Academic journal article The Yale Law Journal

Remarks: The Simple Virtues of 'The Cathedral.'(Property Rules, Liability Rules, and Inalienability: A Twenty-Five Year Retrospective)

Academic journal article The Yale Law Journal

Remarks: The Simple Virtues of 'The Cathedral.'(Property Rules, Liability Rules, and Inalienability: A Twenty-Five Year Retrospective)

Article excerpt

There is something odd about taking part in a discussion of one's own work. My mother-in-law was an artist and she hated to go to exhibitions of her paintings. She felt naked as people looked at her works and discussed them almost as if she weren't there. It is much the same when one listens to one's writings being analyzed. "Did I say that? Did I really say that? Of course I didn't say that!" Or conversely, "Of course I said that! Who could possibly think that I didn't? Obviously that idea was there. Anyone could tell it was there!" But who is to say whether it really was there in a meaningful sense?

As a teacher of products liability, I guess I'm committed to the notion that once one creates a product, an artifact, that artifact must speak for itself, it must be taken with all that its users find in it, or find to be missing from it. And one can't completely exonerate oneself from the damage done by a plausible use of the product by saying, "I didn't mean for it to be used that way." Still, one is tempted to suggest how one's artifact should and should not be used, and so here I am.

I'm very glad to see that Doug Melamed is also here; I wanted him to spring unexpected out of a cake -- unfortunately there is no cake. But he is here, and you have had a chance to listen to him. I especially wanted him here because over the years many people have asked me, "Who was Melamed?" as if he didn't exist, as if he weren't one of the country's leading lawyers. Most of you, like me, are teachers and scholars, and we sometimes think of the world as one in which only scholarly achievements matter. We are, of course, quite wrong.

There was a man named Nathan Young, who graduated from the Yale Law School in 1918. He founded the NAACP in Missouri, and later became the first African-American judge in Missouri. On the seventieth anniversary of his graduation, he came back to the law school and spoke at commencement. To place him among his classmates, I got a list of the people who had graduated with him in 1918. Among them was Karl Llewellyn. Naturally, I asked Young if he knew Llewellyn and he said, "Karl Llewellyn ... of course I knew Karl, we wrote a paper together -- bright fellow ... What ever became of him?" So if any of you don't know who Doug is, and what he has done, remember, it's a narrow world we live in.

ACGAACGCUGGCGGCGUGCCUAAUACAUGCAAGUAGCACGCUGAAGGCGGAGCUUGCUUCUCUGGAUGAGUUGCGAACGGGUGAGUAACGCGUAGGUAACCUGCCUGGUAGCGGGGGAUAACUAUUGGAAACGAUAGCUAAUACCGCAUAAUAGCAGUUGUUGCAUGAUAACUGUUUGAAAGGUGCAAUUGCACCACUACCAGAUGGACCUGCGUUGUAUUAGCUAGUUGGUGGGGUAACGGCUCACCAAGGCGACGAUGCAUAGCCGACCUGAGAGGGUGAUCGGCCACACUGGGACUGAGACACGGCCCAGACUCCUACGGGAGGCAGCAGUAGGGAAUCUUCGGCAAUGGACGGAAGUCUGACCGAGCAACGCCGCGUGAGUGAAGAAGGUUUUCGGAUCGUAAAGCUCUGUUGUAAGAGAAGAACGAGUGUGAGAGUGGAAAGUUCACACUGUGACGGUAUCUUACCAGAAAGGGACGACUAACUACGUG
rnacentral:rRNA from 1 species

I'd like to begin talking about The Cathedral with a bit of legal thought. Or rather, with some history of legal thought, if I may so dignify what I will say. First, a matter of timing: This article was written in the spring of 1971. It was written at about the same time that Dick Posner's review of The Costs of Accidents came out. In that review, Posner stated that he was not a torts lawyer, but then neither was Calabresi, because anyone who was doing something so starling as to use economic analysis of law to discuss accidents was not really talking about torts.(1) In 1971, Mitch Polinsky was just starting as a graduate student at MIT. Nick Tideman, who, along with Saul Levmore, has done the most interesting work on self-assessment, had barely finished his Ph.D. at Harvard. Jules Coleman was not that long past puberty, and Jody Kraus was probably still in knee-pants. At that time, most people believed that economic analysis of law was crazy stuff.

Perhaps for that reason this article was almost rejected. It had been commissioned by the Harvard Law Review because I was a visiting professor at Harvard that year. When the editors looked at it, though, they were so startled by my way of approaching things that they nearly turned it down. (They ultimately published it with fewer changes than were made by editors in any other article I have written, but only after I was able to explain to them face-to-face what the piece was about.)

This context explains the simplicity, what Saul has kindly called "the elegance," of the model.(2) The lack of any nuances, of any sub-rules and sub-sub-rules stems from the fact that, as simple as the model was, it was nonetheless almost too complex for its time. …

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